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I’m from California, where L.A. borders the O.C. and where abbreviating everything is second nature. Winter consists of setting the car’s ventilation from max AC to regular and having a long-sleeved shirt on standby if you have to get up early. The big concern is the annual brush fires and whatever fresh torments the legislature is planning.
So here we are in Utah. I’m ringing in the roaring twenties in a home-knit cap and scarf, with a closet filled with flannel shirts and long pants. That quilt we got for a wedding present? Finally, something we can use and appreciate. Same with the snow shovel our realtor gave us when we closed on the house… in August. The handle was too warm to touch if left outside. Not a problem now.
My wife is a proud Coloradan. California was a trial for her; she likes all four seasons, not endless summers. She likes mountains with snow on them. She also likes knitting. She considers her fifteen years in California a temporary situation she’s glad to have survived and is back in her Happy Place.
We had white holidays: Thanksgiving, Christmas, and New Year. I confess holiday lights look good in the snow. On Thanksgiving, we took some relatives down to a drive-through outdoor light show that the first big storm of the season only enhanced. It even brought a herd of deer for added authenticity.
I thought I might, but really? I can’t complain. Utah winters are generally mild. Temperatures in the twenties and thirties during the day, mostly. On the uncommon days when we drove to work in the snow, all but a couple of them ended with dry roads and clear skies. Most of the white stuff lands on the mountains, keeping things pretty but relatively commuter-safe. My wife’s only complaint is that when the roads are dry, I drive as I did in CA: as an honorary pace car in the Grand Prix. Or maybe Maverick in Top Gun. It depends on how tightly she’s gripping the safety rail. The snow and the road salts are rough on the car, but what made little sense to me in summer has been a winter godsend: unlimited car wash passes. The local Wiggy Wash includes a free light show with each stage in the scrub, making it a cheap date night.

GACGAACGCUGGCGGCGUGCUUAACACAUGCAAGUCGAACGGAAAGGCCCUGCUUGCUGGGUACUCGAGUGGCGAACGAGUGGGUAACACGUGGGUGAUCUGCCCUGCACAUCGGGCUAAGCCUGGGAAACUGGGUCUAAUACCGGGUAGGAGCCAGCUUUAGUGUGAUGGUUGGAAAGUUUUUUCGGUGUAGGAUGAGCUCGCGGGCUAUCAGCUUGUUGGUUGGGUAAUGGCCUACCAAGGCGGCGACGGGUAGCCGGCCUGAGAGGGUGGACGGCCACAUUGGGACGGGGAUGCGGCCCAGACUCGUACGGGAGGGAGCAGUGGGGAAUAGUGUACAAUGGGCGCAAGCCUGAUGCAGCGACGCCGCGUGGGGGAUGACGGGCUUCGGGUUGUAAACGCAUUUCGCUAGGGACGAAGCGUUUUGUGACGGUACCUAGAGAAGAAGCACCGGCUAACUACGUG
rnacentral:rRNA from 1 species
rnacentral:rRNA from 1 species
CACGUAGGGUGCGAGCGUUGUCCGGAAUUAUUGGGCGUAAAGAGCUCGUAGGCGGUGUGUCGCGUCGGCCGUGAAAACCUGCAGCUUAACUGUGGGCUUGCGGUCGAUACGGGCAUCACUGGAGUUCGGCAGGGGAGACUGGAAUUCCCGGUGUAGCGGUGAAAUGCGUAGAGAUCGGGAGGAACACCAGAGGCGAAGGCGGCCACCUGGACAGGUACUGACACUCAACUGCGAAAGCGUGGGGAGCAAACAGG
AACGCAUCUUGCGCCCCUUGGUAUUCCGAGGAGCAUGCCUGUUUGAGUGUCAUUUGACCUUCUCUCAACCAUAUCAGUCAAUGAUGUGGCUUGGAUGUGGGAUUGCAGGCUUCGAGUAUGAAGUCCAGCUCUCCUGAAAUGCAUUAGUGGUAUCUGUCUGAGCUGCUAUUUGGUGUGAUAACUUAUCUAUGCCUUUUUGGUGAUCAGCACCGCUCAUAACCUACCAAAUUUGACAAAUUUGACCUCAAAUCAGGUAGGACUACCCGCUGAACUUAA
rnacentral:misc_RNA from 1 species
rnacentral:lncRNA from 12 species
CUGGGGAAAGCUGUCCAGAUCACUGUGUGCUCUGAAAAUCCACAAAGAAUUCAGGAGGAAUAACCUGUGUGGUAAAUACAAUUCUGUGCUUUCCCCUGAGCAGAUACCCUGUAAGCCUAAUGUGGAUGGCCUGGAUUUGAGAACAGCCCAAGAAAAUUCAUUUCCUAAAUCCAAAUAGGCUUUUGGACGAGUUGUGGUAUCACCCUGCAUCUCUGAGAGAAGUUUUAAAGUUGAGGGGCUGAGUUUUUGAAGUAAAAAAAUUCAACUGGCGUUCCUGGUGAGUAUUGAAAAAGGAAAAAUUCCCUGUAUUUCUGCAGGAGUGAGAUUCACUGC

Some people love winter. My YouTube feed has been filling with folks who love camping in extreme cold, stoking wood-burning stoves in canvas tents. I’m more like my parents: stick with a sturdy cabin or fully-connected RV. I enjoy watching the snow falling when I’m indoors, dry and warm by a roaring fire. Utah has been nicely accommodating. Our current home doesn’t have a fireplace. We may get one of those electric varieties, but we’re likely to move in a few years. A fireplace and/or wood-burning stove are high on the wish list.
I miss the beach on occasion. I miss PCH. I miss Solvang and Catalina. California is a huge part of the life I’ve led, as a child and adult. There are family and friends we miss. And there are times I miss running the AC in January.
But actual winter has left me with less discontent than I feared. It’s been a net plus. Just as I found ways to cool off in summer while still enjoying the summer, winter offers fire and hot cocoa and Slankets (TM) and other remedies for the chill. Not an escape, but an accommodation.
Pass the cocoa.Published in